Three ways to take the environmental movement out of its white middle class ghetto

An open letter to the new CEO of Friends of the Earth England, Wales and Northern Ireland.

Shilpa Shah Jannat Hossain
20 July 2015

Dear Craig,

We're thrilled to see you talking about taking the environmental movement out of its White Middle Class ghetto. However, there is a real danger that your words about 'huge potential' and your focus on diversity ‘out there’ will be taken as condescending and instrumentalist - almost like a company talking about a new market.  

As two young Women of Colour who previously worked at Friends of the Earth, there are a few things we’d like to share with you and anyone else that has similar ambitions for environmental justice organisations. Three key ways you can avoid this and make a real difference:

a)     Change starts with us.  Start 'in here' rather than 'out there'. Always start by stressing that changing the dynamics of power and privilege in our movements starts with us as individuals. Each and every one of us needs to educate and challenge ourselves - on our own unearned privileges, the struggles of marginalised people, and how this impacts the way we campaign. Only when we start to grasp this do we become better campaigners and ultimately better people. We are then stronger to tackle patterns of privilege and oppression within our own organisations from who we employ, how we act and how we involve people in decisions.

b)      This is about building strength together - and part of that is about us learning and responding. You need people with time to go to where the struggle is and build trusting partnerships. This takes time and committing resources. There is an Aboriginal activist saying "If you have come to help me, you are wasting your time; but if you are here because your liberation is bound up with mine, then let us work together." This isn't about what your organisation can do for marginalised groups. It’s about what strength you can build together. For example, many Bangladeshi groups have been working on environmental action for years – approach them not with an expectation to become a FOE group, but an offer to work together in a way that respects each other’s strengths, independence and expertise.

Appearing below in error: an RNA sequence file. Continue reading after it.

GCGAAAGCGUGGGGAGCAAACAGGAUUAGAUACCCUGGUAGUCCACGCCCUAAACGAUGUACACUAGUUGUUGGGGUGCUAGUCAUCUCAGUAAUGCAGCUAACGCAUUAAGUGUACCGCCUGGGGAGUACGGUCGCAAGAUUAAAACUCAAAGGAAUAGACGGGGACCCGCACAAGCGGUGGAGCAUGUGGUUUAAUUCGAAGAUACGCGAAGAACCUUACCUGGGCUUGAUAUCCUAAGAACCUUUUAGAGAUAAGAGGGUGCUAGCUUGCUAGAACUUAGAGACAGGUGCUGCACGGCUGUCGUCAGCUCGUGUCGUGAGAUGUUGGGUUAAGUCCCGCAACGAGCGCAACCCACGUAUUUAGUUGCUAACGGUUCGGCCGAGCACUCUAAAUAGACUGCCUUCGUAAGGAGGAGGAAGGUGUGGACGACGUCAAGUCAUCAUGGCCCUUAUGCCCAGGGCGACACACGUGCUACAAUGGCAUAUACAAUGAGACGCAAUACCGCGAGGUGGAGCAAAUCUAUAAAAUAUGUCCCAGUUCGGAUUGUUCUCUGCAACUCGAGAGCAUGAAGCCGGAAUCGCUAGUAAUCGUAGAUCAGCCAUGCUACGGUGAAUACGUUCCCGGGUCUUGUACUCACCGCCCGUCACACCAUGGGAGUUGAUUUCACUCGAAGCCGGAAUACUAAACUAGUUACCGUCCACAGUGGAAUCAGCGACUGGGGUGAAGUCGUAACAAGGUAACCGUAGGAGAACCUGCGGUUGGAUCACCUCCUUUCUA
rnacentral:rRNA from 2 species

c)   Be more humble and self-aware. Acknowledge the giants on whose shoulders both you and your words stand. Work on equality and diversity has been led at Friends of the Earth and within the environmental sector for nearly 20 years, with courage and leadership being shown by young Women of Colour like us and numerous other Women (and a few male) allies. And lots of activists in FOE’s own local groups network. Both of us now work as trainers and consultants, supporting other organisations to tackle the very issues you're talking about. This work is happening - there is so much expertise out there, which doesn’t get the mainstream attention it deserves. Your intention is to raise the status of this debate in your new role as Executive Director - and we salute this. Your intention may not be to squeeze out more marginalised voices, but the way you have started off is an example of how White male privilege plays out in the organisations we care about.

This work is hard. Really hard. We know, we've been doing it for a long time. It requires us to really challenge ourselves to undo hard-wired patterns of thinking and doing. It needs some people to raise their voices and others to use their power to create space for others. It all takes time and courage; we’ll make mistakes and dust ourselves off and learn from them.

Large scale societal change for the better has always been instigated by people who suffer most from the status quo – real commitment and action will help to make the stronger and more effective environmental justice movement we so desperately need. 

This letter comes from a place of love and passion for what Friends of the Earth and organisations such as yours do. We want you to be the best you possibly can be. 

We wish FOE and all other organisations doing this work all the best in your journeys.

Jannat Hossain and Shilpa Shah

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